the clock had pointed to twenty min
ute past ten. Now it was still twenty
minutes past ten. And the sentence
the man was speaking was the same
as that which he had spoken on en
tering the room.
In less than a second the whole of
the episode had been implanted upon
his mind by the art of the beggar be
He sprang to his feet. "Mary!" he
"Did you want me, dear?" an
swered his wife, entering with a
"How did this man get in?"
"Why, I just let him in. You know
you said you would see anybody "
Smith threw three pice into the
copper bowl and the fakir, saluting
gravely, turned and made his digni
fied exit. Smith turned to his wife.
"I think, my dear," he said .mildly,
"that in future we shall try to get
to know a little more about our peo
ple instead of-f shutting ourselves
away from them."
In oven cookery the fruit retains
its shape, color and flavor better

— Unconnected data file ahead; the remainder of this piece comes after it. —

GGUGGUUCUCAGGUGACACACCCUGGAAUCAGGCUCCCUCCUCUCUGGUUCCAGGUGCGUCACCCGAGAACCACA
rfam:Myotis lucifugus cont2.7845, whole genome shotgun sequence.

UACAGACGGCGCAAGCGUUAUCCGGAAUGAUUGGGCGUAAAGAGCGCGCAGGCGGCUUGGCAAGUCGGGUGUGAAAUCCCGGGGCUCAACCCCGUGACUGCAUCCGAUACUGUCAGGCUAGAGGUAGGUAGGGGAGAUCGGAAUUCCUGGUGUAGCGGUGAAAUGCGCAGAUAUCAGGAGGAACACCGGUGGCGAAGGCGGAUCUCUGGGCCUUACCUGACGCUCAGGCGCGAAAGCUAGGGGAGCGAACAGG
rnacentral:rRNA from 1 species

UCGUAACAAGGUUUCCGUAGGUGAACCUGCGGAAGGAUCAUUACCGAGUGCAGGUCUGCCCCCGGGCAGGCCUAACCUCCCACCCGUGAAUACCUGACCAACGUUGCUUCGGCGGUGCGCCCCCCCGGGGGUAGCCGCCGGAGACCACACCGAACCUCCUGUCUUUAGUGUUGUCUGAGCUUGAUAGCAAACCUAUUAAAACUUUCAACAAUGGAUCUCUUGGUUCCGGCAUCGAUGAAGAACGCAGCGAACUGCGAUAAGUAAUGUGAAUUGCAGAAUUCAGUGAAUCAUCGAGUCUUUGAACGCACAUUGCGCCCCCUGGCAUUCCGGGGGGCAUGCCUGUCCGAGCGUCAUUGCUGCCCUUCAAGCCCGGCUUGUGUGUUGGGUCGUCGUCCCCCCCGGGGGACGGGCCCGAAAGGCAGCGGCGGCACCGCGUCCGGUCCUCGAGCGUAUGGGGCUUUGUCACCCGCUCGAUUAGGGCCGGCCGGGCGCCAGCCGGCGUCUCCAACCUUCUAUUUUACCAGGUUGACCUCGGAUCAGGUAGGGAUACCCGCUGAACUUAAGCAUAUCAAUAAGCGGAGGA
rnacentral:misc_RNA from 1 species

than when cooked in the preserving
Cover the bottom of the oven
with a sheet of asbestos, the kind
plumbers use in covering pipes. If
this is not to be had, put into the
oven shallow pans containing about
two inches of boiling water.
Sterilize the jars and cans. Make
a sirup of sugar and water. Wash
and otherwise prepare the fruit Pack
the hot jars with fruit and fill with
sirup. Run the blade of a knife
around the inside of jar.
Place jars in oven, either on tne
asbestos sheet or in the pan of wa
ter. Have the oven moderately hot
Cook the fruit from 10 to 15 minutes
Remove from the oven and fill with
boiling sirup. Wipe jar and seal. Set
jars upside down on a clean shelf
out of a draft The next day tighten
covers and seal edge with melted paraffin.
Cut out red pulp from one or more
watermelons. Crush and simmer un
til soft; then strain, thus removing
seeds and simmer until thick.
Three quarts of pulp will make
one-fifth pint of honey. '
Cool honey and bottle like grape
The honey is best without sugar,
but a "larger quantity can be made
from 'the same amount of pulp if a
little lemon juice and sugar are
GOVERNOR HOST TO KIDS EACH
YEAR TO OBSERVE BIRTHDAY
e Capper .
Gov. Capper of Kansas celebrates
his birthday each year by acting as
host to the children of Topeka, Kan.,
at movie shows. This year several
thousand "kids" went with the gov
ernor to all the "movies" in town,
then were taken for a tour of inspec
tion of Topeka's only morning news
paper plant Capper is 51 and has
no children. '
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